• The day to day living is hard here, it is hot, the power goes off frequently, the traffic is impossible, the roads are worse, people are ever so poor and work very hard. But there is a bright side, we live in a lovely apartment and there are three people who work in our compound who are delightful. One is a young man, Geoffry, he has a wife and 4 children in a town far from here and sees them only on holidays, he drives and does chores like opening the gate when we come home or go out no matter what time it is. Anne, who is an older woman we all call “JaJa” (grandmother), she does the laundry and although we don’t have anything white anymore, everything is a certain shade of grey, she is always willing to help us and make sure to iron everything including our underwear. And the third is Margaret, who works 7 days a week 24 hours a day as the housekeeper and maid for the people who own the complex and us but always has a pleasant word and she heard I like fresh flowers so every few days we come home to find freshly cut flowers on the living room table from the garden. See the photo.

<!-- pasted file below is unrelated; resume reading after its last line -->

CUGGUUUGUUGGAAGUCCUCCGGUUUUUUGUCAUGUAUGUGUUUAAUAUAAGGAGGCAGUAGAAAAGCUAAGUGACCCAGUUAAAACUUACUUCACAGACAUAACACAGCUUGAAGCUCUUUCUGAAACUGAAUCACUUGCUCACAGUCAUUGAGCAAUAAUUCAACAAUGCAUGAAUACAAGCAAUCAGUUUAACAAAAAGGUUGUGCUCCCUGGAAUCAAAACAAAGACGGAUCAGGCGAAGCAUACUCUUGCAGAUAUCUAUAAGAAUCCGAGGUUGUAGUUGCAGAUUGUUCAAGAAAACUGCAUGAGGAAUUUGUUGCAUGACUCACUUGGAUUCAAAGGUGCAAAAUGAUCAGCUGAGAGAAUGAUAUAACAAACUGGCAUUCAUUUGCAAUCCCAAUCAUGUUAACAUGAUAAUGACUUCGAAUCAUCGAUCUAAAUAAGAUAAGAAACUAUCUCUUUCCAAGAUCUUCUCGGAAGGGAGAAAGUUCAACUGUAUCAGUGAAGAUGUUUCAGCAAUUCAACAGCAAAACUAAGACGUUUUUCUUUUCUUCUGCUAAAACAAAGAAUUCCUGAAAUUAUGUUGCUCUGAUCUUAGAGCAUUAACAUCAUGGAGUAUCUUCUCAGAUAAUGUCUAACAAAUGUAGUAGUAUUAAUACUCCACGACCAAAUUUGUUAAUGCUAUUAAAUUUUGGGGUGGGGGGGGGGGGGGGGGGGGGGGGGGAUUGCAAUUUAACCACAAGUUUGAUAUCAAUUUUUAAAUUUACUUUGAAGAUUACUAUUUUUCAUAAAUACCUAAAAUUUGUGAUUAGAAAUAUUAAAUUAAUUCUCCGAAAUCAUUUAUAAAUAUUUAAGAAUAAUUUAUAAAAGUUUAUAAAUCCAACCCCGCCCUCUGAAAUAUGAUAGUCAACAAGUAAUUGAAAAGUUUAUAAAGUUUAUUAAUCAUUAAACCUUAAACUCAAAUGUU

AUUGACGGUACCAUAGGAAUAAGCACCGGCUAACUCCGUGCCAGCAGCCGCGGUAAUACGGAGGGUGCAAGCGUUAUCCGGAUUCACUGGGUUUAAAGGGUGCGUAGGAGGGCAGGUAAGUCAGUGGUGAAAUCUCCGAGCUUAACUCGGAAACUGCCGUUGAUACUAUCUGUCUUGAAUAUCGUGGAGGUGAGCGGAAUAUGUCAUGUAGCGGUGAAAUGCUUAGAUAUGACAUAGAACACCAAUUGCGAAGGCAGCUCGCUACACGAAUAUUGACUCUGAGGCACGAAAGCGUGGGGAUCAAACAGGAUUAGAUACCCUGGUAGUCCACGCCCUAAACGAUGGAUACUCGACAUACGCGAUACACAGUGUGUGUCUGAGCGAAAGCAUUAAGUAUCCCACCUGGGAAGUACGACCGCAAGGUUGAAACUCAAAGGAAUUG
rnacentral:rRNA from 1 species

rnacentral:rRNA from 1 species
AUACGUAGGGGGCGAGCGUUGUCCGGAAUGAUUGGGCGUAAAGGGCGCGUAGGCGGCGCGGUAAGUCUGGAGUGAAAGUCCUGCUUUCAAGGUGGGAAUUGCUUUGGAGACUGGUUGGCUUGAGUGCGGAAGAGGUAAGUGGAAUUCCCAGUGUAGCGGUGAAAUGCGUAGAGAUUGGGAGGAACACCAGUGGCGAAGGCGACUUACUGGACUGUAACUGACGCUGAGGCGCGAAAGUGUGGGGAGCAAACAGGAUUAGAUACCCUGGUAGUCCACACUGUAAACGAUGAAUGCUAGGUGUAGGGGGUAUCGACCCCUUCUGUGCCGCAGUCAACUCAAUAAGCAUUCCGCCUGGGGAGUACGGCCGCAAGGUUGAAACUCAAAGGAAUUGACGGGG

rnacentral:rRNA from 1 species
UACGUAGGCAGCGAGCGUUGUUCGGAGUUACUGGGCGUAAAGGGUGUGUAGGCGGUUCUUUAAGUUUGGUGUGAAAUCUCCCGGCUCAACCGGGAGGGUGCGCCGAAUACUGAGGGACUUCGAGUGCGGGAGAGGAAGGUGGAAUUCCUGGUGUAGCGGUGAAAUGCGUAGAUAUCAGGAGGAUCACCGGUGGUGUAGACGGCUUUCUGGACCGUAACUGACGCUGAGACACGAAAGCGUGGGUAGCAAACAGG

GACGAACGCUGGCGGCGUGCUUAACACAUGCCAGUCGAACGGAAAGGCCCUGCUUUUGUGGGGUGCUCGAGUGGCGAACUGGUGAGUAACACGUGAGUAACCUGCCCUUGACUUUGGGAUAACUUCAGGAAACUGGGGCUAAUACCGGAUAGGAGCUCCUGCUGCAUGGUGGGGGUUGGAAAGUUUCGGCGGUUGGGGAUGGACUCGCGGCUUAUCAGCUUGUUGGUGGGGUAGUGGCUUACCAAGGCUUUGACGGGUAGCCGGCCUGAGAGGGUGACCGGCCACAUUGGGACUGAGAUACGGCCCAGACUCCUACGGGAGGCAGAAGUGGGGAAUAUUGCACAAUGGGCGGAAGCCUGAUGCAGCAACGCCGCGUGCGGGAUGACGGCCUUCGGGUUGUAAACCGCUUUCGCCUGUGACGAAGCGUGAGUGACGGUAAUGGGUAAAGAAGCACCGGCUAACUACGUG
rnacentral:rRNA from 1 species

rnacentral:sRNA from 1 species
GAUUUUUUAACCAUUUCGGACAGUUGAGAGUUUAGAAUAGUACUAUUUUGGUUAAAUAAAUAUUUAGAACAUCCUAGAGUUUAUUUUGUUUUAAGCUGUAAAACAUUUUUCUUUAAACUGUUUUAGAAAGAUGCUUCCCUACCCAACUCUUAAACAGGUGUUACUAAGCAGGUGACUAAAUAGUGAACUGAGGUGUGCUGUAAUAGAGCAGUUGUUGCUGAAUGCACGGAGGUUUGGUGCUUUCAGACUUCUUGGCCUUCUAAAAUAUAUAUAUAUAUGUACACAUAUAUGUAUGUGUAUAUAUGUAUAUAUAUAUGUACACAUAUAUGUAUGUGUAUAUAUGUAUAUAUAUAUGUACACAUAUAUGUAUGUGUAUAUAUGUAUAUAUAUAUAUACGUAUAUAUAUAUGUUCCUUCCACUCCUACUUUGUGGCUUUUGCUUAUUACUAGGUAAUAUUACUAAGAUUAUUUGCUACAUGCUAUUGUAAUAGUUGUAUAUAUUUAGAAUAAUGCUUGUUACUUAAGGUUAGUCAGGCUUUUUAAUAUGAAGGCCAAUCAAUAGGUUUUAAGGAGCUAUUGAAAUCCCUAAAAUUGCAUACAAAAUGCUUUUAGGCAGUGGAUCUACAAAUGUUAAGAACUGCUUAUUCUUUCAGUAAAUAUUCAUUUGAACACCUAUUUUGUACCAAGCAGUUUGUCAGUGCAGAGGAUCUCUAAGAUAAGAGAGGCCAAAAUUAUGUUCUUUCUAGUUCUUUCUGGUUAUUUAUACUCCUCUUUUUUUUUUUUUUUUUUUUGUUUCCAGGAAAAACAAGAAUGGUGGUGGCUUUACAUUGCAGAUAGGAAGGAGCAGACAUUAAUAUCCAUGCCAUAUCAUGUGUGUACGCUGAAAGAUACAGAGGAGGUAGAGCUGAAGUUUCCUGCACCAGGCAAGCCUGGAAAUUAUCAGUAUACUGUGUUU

• We have been looking for a place to go to have a Passover Seder. We were going to go to the Abayudaya – the Ugandan Jewish community, but we could only go for a weekend, and it is too expensive. What to do? We considered flying to Israel for a week or so to visit family and friends, but that is even more expensive. Then, just like it was ordained, we overheard some people speaking Hebrew in a store, and Peter struck up a short conversation with them in Hebrew, and we were told that we would be invited to a Passover Seder with a group of Israeli’s who are here working temporarily in Uganda. You can always find a Jew nearly anyplace in the world.
• The rainy season seems to be upon us, When we say rain, we mean like in Noah’s day. Deluges! But luckily, most of the rain has been at night. It will probably continue until late April or early May.
• One of the ways to describe life here is noise, noise, noise, dust, dust, dust, traffic, traffic, traffic. Here is a photo of what it normally looks like at one of the intersections on the way to work. Cars, motorbikes, bicycles coming and going from every direction despite one way streets, stop signs, etc.